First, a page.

As a system of Initiation, it seems complete, and to his credit Sumner has avoided the vanity of deliberate 'blinds' and the like. Although the method and its terminology, steeped as it is in the Judaeo-Christian tradition, might be a little unpalatable to some of those that prefer their gods to wear darker clothing, there are some real (and very useful) 'secrets' disclosed here. For example, I suspect that very few people are aware that the systematic working of the paths of the Hermetic Tree from Aleph to Tav - in descending order, following the way called the Lightning Flash, the way that actually works! - is to culminate in the creation of an astral double, 'Golem', or, put in other terms, a resurrected Ka. Without keys like this, so-called 'pathworkings' are fairly useless. I should also mention that Sumner's explanation of the Dweller on the Threshold - something that must be encountered and dealt with by anyone that dares to cross the hazardous bridge from theory into practice - is the clearest and best that I have ever read. If only I could have read this book 20 years ago...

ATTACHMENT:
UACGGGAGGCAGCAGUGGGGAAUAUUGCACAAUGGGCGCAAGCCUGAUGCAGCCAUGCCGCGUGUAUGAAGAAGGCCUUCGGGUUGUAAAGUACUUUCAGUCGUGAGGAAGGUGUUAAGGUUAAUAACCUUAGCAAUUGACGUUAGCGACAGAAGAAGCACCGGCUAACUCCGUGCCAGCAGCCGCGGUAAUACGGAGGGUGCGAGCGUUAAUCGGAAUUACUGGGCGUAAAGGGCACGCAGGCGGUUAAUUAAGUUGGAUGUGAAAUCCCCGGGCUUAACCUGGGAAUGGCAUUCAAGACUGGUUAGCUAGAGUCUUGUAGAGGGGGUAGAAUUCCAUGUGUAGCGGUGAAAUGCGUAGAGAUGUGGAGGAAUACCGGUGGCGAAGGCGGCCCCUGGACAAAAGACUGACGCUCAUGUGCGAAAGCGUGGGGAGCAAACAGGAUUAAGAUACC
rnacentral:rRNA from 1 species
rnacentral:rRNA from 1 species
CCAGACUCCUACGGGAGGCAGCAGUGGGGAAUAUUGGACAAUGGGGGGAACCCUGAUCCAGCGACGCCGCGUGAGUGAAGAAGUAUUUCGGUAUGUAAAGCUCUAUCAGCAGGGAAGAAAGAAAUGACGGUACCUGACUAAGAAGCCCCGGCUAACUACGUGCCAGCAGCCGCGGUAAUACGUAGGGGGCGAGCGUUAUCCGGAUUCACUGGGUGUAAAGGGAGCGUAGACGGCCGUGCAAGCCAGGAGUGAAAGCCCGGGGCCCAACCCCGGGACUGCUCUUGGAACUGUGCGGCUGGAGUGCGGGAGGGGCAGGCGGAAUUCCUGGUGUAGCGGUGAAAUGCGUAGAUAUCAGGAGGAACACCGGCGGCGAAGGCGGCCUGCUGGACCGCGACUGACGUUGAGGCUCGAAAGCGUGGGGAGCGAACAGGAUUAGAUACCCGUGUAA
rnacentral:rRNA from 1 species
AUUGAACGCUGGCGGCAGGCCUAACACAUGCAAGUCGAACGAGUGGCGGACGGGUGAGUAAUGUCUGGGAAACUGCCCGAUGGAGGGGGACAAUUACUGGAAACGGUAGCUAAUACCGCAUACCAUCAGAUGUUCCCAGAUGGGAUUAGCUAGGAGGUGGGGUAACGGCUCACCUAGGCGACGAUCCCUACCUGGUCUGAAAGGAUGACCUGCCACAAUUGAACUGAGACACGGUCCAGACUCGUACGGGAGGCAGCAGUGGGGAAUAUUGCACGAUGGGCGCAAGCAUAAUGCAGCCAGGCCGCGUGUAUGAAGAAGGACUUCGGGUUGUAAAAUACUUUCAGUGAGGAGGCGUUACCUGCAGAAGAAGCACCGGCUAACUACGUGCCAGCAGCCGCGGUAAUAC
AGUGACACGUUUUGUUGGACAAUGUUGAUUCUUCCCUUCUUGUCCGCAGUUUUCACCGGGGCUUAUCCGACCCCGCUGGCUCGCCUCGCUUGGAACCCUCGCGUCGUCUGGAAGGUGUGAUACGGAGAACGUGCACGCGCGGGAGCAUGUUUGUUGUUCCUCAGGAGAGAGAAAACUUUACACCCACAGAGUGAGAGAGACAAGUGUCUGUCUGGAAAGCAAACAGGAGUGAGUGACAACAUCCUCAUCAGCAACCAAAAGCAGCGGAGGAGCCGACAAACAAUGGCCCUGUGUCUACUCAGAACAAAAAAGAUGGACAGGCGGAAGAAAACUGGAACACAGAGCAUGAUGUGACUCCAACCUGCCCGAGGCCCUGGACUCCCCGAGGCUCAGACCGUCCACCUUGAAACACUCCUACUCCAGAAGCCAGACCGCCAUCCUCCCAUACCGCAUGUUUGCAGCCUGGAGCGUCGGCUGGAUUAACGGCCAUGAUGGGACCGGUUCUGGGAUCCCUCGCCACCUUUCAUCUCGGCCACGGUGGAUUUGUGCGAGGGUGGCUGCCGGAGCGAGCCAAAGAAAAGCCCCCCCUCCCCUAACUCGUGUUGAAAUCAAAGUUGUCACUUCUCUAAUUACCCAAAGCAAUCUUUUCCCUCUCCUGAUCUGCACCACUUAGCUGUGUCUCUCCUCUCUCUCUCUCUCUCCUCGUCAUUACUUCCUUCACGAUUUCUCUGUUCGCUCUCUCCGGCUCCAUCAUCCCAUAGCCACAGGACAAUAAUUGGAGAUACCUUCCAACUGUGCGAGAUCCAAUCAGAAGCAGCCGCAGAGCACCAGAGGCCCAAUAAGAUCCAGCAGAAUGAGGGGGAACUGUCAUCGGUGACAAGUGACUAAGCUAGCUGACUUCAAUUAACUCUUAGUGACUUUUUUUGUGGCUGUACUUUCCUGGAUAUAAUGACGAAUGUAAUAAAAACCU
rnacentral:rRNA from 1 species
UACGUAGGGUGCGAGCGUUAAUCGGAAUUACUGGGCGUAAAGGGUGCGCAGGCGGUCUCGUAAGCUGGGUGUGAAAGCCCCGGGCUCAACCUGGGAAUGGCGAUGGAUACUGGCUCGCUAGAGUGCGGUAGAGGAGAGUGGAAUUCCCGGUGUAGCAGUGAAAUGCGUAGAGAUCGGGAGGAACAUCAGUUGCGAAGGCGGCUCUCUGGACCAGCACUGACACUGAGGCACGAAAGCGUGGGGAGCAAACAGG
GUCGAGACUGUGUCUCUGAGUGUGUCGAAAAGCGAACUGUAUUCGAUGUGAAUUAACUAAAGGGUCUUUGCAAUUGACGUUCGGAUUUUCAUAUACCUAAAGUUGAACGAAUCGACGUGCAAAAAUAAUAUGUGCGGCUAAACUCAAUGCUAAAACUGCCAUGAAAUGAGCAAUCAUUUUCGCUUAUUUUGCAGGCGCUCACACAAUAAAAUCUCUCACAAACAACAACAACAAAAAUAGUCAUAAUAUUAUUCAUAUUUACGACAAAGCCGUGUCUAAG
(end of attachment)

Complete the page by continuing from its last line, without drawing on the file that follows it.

Towards the end of the story there is a very amusing exposé concerning the television production company that taromancer Miranda Warren's friend Tansie intends to use as a lever to fame and fortune as a TV psychic. Anyone that has any experience of the way that television production works will know there is no exaggeration here - it is difficult to parody a business where lying and deception are built in, by default. Perhaps I am cynical - one of the more sensitive elements of this novel is to show that professionals, busily engaged in the business of making profit from mass delusion, are nonetheless fragile, vulnerable human beings.